Friday, March 13, 2015

Easier than what?: A mother looks at life without

There's a part of me that died that winter's night.

Illusions. Myths. Platitudes. An old way of looking at faith and life. My future as I'd anticipated it. The ability to be "normal".

A part of me died when my child breathed his last.

I suppose that a part lived, too.

The hope that life can be okay again. That by treasuring my son and the memories of who he was, I can be his memory keeper. I share him and because of this, the world can be a brighter place.

Oh, I have learned the value of so many things. Yes, I can still see the glass half full. My Daniel lived; he loved. I keep all that in my heart.

But every so often this extroverted person I once was just wants to retreat and be alone with her pen and paper. Talk to God. Walk alone on the beach. Not have to play nice or join in the conversations about other people's children. Or other people's small problems that they get so worked up about.

Sometimes so much gets bottled up inside me and I have to let go.

I cry over simple things. Or just feel overwhelming sadness. Over the years, I don't struggle to "feel better". I know how to let these emotions run their course. It's okay to be sad. It's all right to step away from the crowd. And if I grow frustrated that I can't always participate like others can, that's fine, too.

I channel my frustration by writing. I write from the turmoil and as I do, I've been able to produce some beautiful things.

So the question is raised: Does it get any easier?

Easier than being woken to tapes in your mind that replay the horror of watching a four-year-old die and you are helpless to save him? Easier than aching for his hand in yours? Easier than shopping for everyone else and not being able to surprise him with a toy?

You can't erase love. Love remains just as strong and passionate as it was when he was with me on earth.

It's not easy to love for the rest of your life someone you can't see and can only feel in your dreams and memories.

Life does go on. Problems continue to find you. The other children you have have bad days and your mother's heart aches. Life ain't for wimps.

But you know that. It's chiseled in your core. You know a child can die.

And that when he is gone, it means forever on this earth. No more picnics. No more smiles. No more watching all your children grow up together.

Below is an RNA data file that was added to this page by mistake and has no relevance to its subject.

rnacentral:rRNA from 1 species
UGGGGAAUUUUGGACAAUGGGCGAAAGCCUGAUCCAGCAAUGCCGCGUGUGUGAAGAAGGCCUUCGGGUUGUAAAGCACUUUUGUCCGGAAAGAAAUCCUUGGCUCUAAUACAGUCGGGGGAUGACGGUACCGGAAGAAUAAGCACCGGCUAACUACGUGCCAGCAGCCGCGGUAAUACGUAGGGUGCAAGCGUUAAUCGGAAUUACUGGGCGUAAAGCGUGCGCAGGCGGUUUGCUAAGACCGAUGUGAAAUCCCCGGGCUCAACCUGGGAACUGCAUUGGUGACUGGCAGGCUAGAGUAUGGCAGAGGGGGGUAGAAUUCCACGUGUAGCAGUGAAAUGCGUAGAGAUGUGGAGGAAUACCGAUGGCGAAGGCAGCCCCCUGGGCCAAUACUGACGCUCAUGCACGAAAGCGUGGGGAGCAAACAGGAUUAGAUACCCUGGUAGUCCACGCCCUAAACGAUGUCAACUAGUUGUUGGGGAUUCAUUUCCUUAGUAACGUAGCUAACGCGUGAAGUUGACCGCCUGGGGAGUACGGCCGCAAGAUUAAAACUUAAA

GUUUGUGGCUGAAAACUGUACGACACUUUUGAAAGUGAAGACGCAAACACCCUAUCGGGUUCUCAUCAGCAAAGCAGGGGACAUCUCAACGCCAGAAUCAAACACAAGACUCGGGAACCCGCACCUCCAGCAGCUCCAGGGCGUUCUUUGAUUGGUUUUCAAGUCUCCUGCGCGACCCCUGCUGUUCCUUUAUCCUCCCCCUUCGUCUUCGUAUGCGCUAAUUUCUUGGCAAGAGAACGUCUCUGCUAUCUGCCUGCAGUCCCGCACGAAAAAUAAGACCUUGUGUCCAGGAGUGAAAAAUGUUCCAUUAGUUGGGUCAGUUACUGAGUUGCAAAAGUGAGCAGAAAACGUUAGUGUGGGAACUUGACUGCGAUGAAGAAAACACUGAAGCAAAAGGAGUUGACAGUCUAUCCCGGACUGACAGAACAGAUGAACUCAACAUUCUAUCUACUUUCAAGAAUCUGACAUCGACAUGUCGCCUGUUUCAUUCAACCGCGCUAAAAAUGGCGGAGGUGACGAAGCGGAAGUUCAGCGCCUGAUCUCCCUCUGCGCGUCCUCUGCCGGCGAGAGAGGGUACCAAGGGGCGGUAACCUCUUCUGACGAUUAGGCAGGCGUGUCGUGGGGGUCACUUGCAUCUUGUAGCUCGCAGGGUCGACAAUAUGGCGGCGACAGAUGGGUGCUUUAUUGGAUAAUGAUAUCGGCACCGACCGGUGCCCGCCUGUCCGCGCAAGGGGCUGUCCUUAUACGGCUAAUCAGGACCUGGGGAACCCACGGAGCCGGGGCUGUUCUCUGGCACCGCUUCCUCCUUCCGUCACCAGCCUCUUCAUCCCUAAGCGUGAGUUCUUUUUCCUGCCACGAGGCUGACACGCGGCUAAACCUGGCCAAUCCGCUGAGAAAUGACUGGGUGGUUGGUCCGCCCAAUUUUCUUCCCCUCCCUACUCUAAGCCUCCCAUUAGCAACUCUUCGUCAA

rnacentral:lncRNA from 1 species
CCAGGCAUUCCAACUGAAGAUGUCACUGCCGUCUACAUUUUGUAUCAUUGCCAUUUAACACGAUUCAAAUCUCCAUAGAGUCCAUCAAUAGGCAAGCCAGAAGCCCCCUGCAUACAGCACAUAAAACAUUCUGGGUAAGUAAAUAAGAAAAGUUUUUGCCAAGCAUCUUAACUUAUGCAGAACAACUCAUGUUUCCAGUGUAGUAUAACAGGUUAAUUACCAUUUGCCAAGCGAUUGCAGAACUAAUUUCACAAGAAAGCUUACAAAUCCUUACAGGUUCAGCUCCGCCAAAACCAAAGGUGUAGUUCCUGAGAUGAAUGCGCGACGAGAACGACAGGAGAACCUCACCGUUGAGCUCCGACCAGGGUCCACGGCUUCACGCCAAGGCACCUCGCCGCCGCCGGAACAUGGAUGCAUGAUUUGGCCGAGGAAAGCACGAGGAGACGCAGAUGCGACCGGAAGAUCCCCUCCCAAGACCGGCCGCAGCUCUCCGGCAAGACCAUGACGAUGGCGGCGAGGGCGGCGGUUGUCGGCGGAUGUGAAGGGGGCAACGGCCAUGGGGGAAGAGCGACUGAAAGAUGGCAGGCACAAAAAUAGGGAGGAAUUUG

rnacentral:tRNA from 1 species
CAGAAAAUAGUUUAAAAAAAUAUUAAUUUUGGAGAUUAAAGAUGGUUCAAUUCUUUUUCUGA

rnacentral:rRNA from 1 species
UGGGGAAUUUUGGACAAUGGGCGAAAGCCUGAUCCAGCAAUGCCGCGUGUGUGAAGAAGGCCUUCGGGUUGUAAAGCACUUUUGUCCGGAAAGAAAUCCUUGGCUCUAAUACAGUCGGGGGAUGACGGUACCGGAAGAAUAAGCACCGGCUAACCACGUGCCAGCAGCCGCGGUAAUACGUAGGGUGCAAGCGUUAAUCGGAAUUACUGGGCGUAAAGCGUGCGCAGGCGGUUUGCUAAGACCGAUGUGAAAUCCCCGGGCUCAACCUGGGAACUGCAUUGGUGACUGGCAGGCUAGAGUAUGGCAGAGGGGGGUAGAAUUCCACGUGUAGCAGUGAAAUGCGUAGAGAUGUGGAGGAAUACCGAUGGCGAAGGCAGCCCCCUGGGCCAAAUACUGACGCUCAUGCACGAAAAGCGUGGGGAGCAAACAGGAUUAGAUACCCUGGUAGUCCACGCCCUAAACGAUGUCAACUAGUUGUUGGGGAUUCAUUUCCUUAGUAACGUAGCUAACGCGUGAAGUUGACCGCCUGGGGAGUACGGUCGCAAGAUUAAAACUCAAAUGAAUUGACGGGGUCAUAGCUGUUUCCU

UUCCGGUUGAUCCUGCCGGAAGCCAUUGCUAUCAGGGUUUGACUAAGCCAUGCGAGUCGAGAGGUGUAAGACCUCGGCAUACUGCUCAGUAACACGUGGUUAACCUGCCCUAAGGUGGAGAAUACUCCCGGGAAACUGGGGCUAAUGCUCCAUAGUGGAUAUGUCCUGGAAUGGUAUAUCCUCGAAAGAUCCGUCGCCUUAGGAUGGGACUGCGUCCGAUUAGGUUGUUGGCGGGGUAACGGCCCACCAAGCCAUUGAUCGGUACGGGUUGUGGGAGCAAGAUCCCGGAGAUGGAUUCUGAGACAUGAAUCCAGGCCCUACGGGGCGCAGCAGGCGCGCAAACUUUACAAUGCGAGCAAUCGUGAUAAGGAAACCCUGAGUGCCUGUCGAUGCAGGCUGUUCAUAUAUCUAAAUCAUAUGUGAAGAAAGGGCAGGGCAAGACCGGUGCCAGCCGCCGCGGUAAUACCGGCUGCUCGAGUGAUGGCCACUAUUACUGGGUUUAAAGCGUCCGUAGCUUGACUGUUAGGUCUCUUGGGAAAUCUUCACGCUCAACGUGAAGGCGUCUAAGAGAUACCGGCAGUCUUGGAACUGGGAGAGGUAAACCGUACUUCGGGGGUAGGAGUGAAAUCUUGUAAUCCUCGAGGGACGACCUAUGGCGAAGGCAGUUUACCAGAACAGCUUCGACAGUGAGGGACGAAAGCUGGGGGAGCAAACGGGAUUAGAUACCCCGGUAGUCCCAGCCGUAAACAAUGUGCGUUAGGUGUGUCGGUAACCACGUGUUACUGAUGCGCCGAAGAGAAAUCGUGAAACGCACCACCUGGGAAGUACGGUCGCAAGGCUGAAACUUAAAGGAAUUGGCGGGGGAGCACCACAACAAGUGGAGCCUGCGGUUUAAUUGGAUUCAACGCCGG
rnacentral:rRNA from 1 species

Does it get any easier?



It depends on the day of the week, the time of the year. Some days you think you're strong. While other days, especially those insignificant days, you feel like a puddle.

It's all about adapting. Adjusting. Knowing when to bring the tissues.

Perhaps that's what becomes easier. Our ability to cope. Not our ability to live without. Just cope with the without.


  1. My empty arms relate to all of your words, Alice. Thank you for sharing from your heart—for being transparent with how it really is when others want to offer platitudes. I don't blame them. They can't possibly understand. And I pray they never have to. ((HUGS)) dear friend.

  2. Thank you for your blog. Your words say what we feel in our hearts.

  3. well worded summary. learning to live with the without - very true! This summer it will be 20 years since our Bryan died; his birthday next month he would have been 40. Hard to imagine but they are not imagination, these are reality. Love and miss our Bryan. Hurting for all the other families with a special person missing from their physical lives. Love is forever.

  4. further reflection on your question - Easier with time? It has gotten different in the intensity and duration of the intensity, but the loss is always present. I truly have learned the many situations that 'Bittersweet" applies. This is a forever absence. I remember a story about the broken vase that can be put back together but never will be the same. My life was oh so much better with my child in it; through his loss, while I am the 'same' to others, I am totally different on the inside.

    1. I feel the same way. Different on the inside, even if others might not see that.

  5. I can't imagine losing a child but I do know what it means to lose the love of your life and soul mate way too soon. This is a beautiful post and brought tears to my eyes. Love and hugs to you.

    1. Ann, thank you. Comfort and peace to you as you travel this path of deep loss.

  6. Oh Alice, how I cherish your words! Your ability to write so openly and with vulnerability so that all readers, bereaved or not, can be encouraged. My journey has been like a roller times churning the stomach until you want to hurl. Especially when a random thought takes you back to the day Jeffrey breathed his last breath and I find myself hyperventilating as I relive that horrible day. Still, I want to live my life to honor his. I appreciate the beauty that God has created for us to enjoy and I count my blessings. I no longer care if people don't understand that I sometimes cannot participate. I'm a grief-crazed Mama and that's no lie. Thanks for all you do and write for those of us who struggle. Love you Alice! Diane Wolcott

    1. Thank you, Diane! We are a crazed bunch and that is the only way to be in light of all we have been through.

  7. Your words pierce my soul as I still trudge through so many days after six and a half years.